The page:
People and Places Week
During People and Places Week you can enrich your child’s learning in history, writing and more by making a list of some of the cultural events happening this summer.
Discover diversity in Oregon. There are many informative resources to help students learn about the state’s diverse populations from the past to the present. The Oregon Historical Society’s award-winning History Hub was specifically designed with hands-on interactive activities for children.
The exhibit “Racing to Change: Oregon’s Civil Rights Years'' focuses on the efforts of the state’s black communities to bring about social and political reforms. Your child can see the exhibit this summer at the Museum of Natural and Culture History in Eugene where organizers (oregonblackpioneers.org) have added elements of the civil rights movement in that area.
Tamástslikt Cultural Institute in Pendleton is featuring a special exhibit to help visitors experience the storied past, dynamic present and bright future of the Cayuse, Umatilla and Walla Walla Tribes.
Tour your town. Check with your local Chamber of Commerce for brochures about your community. Then have your child select interesting spots to visit, investigate sites ahead of time and write about them after returning from the trip.
Space Week will likely be a favorite summer learning series around your house. As a parent you’ll discover Space Science covers engineering, math and many other academic areas.
Celestial homework. Ask your student to check out NASA’s website before they start staring
at the sky. Your child should use the special NASA tracker to see if the International Space Station is going to pass over your area soon (spotthestation.nasa.gov). Since NASA only sends crews to the surface once in a blue moon, lots of preparation is underway for next year’s moon mission (nasa.gov/moon).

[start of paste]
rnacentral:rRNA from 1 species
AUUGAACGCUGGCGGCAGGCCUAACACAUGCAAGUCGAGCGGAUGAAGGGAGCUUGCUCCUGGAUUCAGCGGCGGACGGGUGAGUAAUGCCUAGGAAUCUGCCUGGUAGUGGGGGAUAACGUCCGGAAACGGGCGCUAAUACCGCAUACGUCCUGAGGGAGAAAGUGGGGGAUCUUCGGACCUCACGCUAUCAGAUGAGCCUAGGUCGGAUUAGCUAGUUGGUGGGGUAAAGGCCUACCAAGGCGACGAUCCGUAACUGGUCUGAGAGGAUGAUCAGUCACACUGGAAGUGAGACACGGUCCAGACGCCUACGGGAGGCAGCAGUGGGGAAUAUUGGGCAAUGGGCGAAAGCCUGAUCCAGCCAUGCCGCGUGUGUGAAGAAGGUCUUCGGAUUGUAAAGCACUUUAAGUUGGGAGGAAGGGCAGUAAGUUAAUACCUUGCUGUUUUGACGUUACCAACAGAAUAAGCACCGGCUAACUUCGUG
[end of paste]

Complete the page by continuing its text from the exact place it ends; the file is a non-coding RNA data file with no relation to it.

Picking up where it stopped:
Backyard astronomer. Your stargazer is ready to pitch a tent in the backyard and explore the galaxy, with a telescope or binoculars. Not only will your child see prominent stars and planets, but a couple of meteor showers will pop up in the coming weeks.
Chalk constellations. Kids have loads of fun mapping out constellations on the sidewalk with small rocks representing the stars and colored chalk connecting the stones.
Reading is part of any theme week but when it’s center stage one week you can emphasize the ways books can be fun and how literacy is a priority in your family.
Library visits. Taking trips to the library will help your child see the wide selection of books to choose from. Many libraries are open again offering summer reading activities for kids.
Family bookworms. Researchers believe spending time reading together as a family has a significant impact on preventing the summer learning gap. Support that love of reading by taking turns reading a chapter book with your child, or for teens start a new book together.
Information provided by Oregon Connections Academy www.OregonConnectionsAcademy.com